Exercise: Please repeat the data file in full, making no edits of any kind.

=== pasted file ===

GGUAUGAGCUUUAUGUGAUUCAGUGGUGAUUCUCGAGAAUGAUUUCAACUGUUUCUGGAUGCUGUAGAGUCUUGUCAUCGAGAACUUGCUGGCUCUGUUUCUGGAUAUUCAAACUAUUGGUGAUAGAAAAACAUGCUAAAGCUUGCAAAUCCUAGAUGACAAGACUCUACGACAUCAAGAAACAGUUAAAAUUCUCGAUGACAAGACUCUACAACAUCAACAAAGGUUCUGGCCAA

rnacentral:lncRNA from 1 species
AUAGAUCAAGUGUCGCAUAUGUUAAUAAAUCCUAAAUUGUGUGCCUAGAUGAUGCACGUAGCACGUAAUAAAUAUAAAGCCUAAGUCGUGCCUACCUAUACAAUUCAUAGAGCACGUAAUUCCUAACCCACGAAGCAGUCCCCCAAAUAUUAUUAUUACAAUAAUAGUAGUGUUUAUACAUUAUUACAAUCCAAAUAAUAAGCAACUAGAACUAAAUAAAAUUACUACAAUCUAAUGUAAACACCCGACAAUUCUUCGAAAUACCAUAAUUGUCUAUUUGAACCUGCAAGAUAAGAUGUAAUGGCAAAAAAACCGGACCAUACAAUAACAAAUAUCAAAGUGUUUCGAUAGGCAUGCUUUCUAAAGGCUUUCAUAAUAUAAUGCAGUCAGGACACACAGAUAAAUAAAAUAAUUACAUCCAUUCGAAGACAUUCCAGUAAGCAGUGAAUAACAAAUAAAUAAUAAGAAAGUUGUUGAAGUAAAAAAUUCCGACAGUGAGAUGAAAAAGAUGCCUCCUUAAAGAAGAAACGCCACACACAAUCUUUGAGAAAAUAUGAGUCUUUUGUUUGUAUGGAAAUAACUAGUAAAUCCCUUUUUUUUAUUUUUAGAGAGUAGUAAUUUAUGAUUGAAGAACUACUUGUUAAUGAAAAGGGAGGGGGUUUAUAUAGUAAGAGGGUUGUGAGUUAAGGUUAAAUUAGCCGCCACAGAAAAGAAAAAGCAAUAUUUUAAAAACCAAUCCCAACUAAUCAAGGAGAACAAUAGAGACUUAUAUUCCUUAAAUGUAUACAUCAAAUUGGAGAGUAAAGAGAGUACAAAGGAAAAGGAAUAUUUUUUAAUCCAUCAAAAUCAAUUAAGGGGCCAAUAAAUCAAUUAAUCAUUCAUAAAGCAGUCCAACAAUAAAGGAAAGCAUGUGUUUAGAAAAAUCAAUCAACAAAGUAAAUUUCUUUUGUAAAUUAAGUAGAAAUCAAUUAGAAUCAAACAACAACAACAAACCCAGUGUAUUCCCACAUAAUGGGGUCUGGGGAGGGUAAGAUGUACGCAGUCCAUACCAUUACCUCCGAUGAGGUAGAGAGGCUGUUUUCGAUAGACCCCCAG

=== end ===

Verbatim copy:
GGUAUGAGCUUUAUGUGAUUCAGUGGUGAUUCUCGAGAAUGAUUUCAACUGUUUCUGGAUGCUGUAGAGUCUUGUCAUCGAGAACUUGCUGGCUCUGUUUCUGGAUAUUCAAACUAUUGGUGAUAGAAAAACAUGCUAAAGCUUGCAAAUCCUAGAUGACAAGACUCUACGACAUCAAGAAACAGUUAAAAUUCUCGAUGACAAGACUCUACAACAUCAACAAAGGUUCUGGCCAA

rnacentral:lncRNA from 1 species
AUAGAUCAAGUGUCGCAUAUGUUAAUAAAUCCUAAAUUGUGUGCCUAGAUGAUGCACGUAGCACGUAAUAAAUAUAAAGCCUAAGUCGUGCCUACCUAUACAAUUCAUAGAGCACGUAAUUCCUAACCCACGAAGCAGUCCCCCAAAUAUUAUUAUUACAAUAAUAGUAGUGUUUAUACAUUAUUACAAUCCAAAUAAUAAGCAACUAGAACUAAAUAAAAUUACUACAAUCUAAUGUAAACACCCGACAAUUCUUCGAAAUACCAUAAUUGUCUAUUUGAACCUGCAAGAUAAGAUGUAAUGGCAAAAAAACCGGACCAUACAAUAACAAAUAUCAAAGUGUUUCGAUAGGCAUGCUUUCUAAAGGCUUUCAUAAUAUAAUGCAGUCAGGACACACAGAUAAAUAAAAUAAUUACAUCCAUUCGAAGACAUUCCAGUAAGCAGUGAAUAACAAAUAAAUAAUAAGAAAGUUGUUGAAGUAAAAAAUUCCGACAGUGAGAUGAAAAAGAUGCCUCCUUAAAGAAGAAACGCCACACACAAUCUUUGAGAAAAUAUGAGUCUUUUGUUUGUAUGGAAAUAACUAGUAAAUCCCUUUUUUUUAUUUUUAGAGAGUAGUAAUUUAUGAUUGAAGAACUACUUGUUAAUGAAAAGGGAGGGGGUUUAUAUAGUAAGAGGGUUGUGAGUUAAGGUUAAAUUAGCCGCCACAGAAAAGAAAAAGCAAUAUUUUAAAAACCAAUCCCAACUAAUCAAGGAGAACAAUAGAGACUUAUAUUCCUUAAAUGUAUACAUCAAAUUGGAGAGUAAAGAGAGUACAAAGGAAAAGGAAUAUUUUUUAAUCCAUCAAAAUCAAUUAAGGGGCCAAUAAAUCAAUUAAUCAUUCAUAAAGCAGUCCAACAAUAAAGGAAAGCAUGUGUUUAGAAAAAUCAAUCAACAAAGUAAAUUUCUUUUGUAAAUUAAGUAGAAAUCAAUUAGAAUCAAACAACAACAACAAACCCAGUGUAUUCCCACAUAAUGGGGUCUGGGGAGGGUAAGAUGUACGCAGUCCAUACCAUUACCUCCGAUGAGGUAGAGAGGCUGUUUUCGAUAGACCCCCAG